Carmel Valley associate professor recognized for work at National University

Education has always played an important part in Dr. Maryam Davodi-Far’s life.

From earning multiple degrees as a student to teaching others as an instructor, it comes as no surprise to many of her colleagues that the Carmel Valley resident recently received two awards for her commitment to education at National University, where she has worked for 13 years.

“It’s great to be recognized,” Davodi-Far said. “It helps validate that I’m doing something right.”

Born in Iran, Davodi-Far’s family relocated to Northern California when she was a child. She moved to San Diego in 1985 and has lived in Carmel Valley since 2000.

At just 16 years old, Davodi-Far started college, studying anthropology at UC San Diego. After earning her bachelor’s degree, she went on to receive her master’s in health care administration from National University and doctorate degree in public administration at the University of La Verne.

Now 42, Davodi-Far started her career in health care and medicine, having previously served as community relations director of Rady Children’s Hospital while she was a doctoral student, and later as executive director of the San Diego American Indian Health Center. In 2002, she joined National University in La Jolla as adjunct faculty for the school’s bachelor of public administration and master of public administration programs.

Davodi-Far became a full-time associate professor and lead faculty member six years later. She teaches all courses in both programs, including foundations courses, grant writing, program evaluation and urban planning.

“What I love about National University is that many of our students are working and they’re still taking the time to invest in themselves,” said Davodi-Far, who was inspired by her father, a retired professor, to pursue education. “Education can open doors and enhance a person’s quality of life.”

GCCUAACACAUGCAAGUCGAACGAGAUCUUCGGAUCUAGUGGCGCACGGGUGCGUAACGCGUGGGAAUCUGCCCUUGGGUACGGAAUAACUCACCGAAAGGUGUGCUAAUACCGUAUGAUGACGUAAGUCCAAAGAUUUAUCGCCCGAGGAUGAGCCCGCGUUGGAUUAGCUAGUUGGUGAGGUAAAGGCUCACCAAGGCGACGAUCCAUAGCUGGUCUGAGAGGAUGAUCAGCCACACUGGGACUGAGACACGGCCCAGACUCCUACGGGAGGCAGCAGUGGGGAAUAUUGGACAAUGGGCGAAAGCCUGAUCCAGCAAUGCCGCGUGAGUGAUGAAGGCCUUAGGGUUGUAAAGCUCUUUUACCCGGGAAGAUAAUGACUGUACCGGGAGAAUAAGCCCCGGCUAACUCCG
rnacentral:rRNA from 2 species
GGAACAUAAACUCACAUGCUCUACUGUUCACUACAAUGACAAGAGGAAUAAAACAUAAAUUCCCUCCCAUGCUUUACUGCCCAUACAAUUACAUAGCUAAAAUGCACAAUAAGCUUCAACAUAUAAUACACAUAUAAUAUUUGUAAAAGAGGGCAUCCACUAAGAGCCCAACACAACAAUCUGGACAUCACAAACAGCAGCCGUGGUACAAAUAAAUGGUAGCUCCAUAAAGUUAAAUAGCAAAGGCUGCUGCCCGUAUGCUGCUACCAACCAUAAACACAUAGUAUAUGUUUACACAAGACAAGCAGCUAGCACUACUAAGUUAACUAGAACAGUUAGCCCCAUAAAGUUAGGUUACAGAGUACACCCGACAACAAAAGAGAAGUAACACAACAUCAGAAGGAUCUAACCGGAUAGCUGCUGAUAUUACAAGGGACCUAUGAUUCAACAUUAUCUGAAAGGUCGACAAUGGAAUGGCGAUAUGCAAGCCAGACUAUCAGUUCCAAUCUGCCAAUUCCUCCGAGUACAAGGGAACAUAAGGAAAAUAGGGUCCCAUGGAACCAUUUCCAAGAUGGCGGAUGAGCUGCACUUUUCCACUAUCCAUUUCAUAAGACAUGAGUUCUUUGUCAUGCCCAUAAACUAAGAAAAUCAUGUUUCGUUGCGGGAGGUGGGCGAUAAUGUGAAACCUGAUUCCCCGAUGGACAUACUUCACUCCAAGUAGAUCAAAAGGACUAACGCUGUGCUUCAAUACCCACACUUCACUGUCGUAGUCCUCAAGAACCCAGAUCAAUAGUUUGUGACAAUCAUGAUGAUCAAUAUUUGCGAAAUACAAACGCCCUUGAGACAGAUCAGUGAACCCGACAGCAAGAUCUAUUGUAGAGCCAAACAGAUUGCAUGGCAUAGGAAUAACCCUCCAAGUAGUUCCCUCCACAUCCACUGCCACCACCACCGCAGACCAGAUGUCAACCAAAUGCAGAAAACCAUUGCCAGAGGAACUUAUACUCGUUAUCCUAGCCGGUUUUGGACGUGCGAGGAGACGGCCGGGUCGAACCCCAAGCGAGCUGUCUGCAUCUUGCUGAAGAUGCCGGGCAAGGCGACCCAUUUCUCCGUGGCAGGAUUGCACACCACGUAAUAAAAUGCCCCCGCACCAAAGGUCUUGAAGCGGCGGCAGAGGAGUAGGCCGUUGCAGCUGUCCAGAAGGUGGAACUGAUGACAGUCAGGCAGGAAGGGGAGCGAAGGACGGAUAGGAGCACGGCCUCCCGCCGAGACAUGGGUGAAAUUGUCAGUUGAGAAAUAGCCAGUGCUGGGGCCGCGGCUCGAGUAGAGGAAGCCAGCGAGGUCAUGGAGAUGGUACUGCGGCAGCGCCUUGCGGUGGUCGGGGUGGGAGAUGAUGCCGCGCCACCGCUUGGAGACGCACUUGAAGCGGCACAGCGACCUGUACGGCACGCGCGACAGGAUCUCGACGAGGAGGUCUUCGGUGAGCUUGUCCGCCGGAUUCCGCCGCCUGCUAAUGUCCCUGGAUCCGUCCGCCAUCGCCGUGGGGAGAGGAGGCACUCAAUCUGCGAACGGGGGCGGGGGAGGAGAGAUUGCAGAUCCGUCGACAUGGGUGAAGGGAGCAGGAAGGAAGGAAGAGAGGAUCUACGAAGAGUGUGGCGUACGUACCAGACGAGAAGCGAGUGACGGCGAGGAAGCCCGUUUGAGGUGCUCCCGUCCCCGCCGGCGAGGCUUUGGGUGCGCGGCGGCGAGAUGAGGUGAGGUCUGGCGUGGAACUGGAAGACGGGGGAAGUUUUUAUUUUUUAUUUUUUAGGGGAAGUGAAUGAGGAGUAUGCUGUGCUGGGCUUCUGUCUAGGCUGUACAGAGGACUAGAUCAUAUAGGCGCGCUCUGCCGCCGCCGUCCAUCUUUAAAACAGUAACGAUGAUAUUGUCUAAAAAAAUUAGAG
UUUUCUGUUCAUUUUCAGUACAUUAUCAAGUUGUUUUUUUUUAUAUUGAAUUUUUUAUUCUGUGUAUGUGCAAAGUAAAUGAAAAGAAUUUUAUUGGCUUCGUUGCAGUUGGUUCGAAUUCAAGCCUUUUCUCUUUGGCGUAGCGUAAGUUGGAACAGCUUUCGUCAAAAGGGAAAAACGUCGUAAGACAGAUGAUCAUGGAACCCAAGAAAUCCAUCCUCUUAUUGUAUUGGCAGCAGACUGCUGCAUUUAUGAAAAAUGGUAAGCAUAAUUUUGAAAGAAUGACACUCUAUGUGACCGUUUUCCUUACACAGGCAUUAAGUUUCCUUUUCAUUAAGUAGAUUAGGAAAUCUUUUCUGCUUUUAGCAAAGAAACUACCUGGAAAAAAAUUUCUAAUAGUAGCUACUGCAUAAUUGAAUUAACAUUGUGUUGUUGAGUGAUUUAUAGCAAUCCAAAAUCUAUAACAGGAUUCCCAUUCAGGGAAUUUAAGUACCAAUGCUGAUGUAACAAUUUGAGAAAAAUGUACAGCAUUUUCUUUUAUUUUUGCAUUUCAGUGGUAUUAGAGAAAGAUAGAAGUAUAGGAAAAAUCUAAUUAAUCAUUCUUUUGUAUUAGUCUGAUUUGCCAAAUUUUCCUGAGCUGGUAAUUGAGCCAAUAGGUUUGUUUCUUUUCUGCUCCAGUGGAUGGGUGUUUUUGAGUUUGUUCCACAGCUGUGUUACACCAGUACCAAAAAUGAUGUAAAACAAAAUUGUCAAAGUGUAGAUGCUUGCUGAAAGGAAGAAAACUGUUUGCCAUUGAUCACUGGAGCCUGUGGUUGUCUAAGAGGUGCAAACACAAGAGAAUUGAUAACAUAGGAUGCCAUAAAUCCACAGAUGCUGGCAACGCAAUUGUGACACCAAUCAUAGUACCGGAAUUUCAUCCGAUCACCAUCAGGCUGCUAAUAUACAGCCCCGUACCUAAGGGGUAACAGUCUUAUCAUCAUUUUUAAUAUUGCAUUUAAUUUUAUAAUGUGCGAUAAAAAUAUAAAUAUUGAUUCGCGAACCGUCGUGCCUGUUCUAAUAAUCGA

Like her students, Davodi-Far continues to enhance her life through education. She earned a second master’s in counseling psychology from National University this year, and is on track to earn her third master’s in human behavior from the school next year.

“Learning is one of my hobbies,” she said. “I do it because I enjoy learning.”

Since joining National University, Davodi-Far has also earned a diploma in cuisine commis culinary from San Diego Culinary Institute. In 2004, she founded a nonprofit called Cancer Coping Center. She also served as director of National University’s Center for Cultural and Ethnic Studies from 2011 to 2013.

She has earned multiple certificates and has been commemorated for her work and community involvement from National University and outside organizations, including a Women Who Move the City Award from San Diego Magazine, a 10 News Leadership Award and a 40 Under 40 Award from San Diego Metropolitan Magazine, among others.

Adding to her accomplishments, Davodi-Far recently received two awards from National University during an awards ceremony in September at the San Diego Marriott in La Jolla.

For the third time, Davodi-Far received the President’s Professoriate Award, an award she also received in 2011 and 2014. The award is given annually to faculty members who go above and beyond the call of duty when working with students and alumni, faculty and staff, or the school and outside community.

“I was really proud of myself,” said Davodi-Far, who was one of eight faculty members who received the award. National University has about 275 full-time faculty members.

At the same time, Davodi-Far was also honored with the President’s Commission on Excellence in Online Teaching, which she said came as a surprise. National University Chancellor and President Dr. Michael Cunningham and Interim Provost Dr. Gangaram Singh presented her with the award for her work on an online foundations course for public administration graduate students.

“Not only does it give you a foundation of the field of public administration, the theories are actually applicable to today,” she explained. “It’s real time. You can bring what you learn into the work that you’re doing.”

When not working at National University, Davodi-Far spends much of her time with her husband, David Wu, and their 5- and 9-year-old sons, Taj and Jet. She is also a dedicated volunteer at Rady Children’s Hospital and Camp Kesem at UCSD.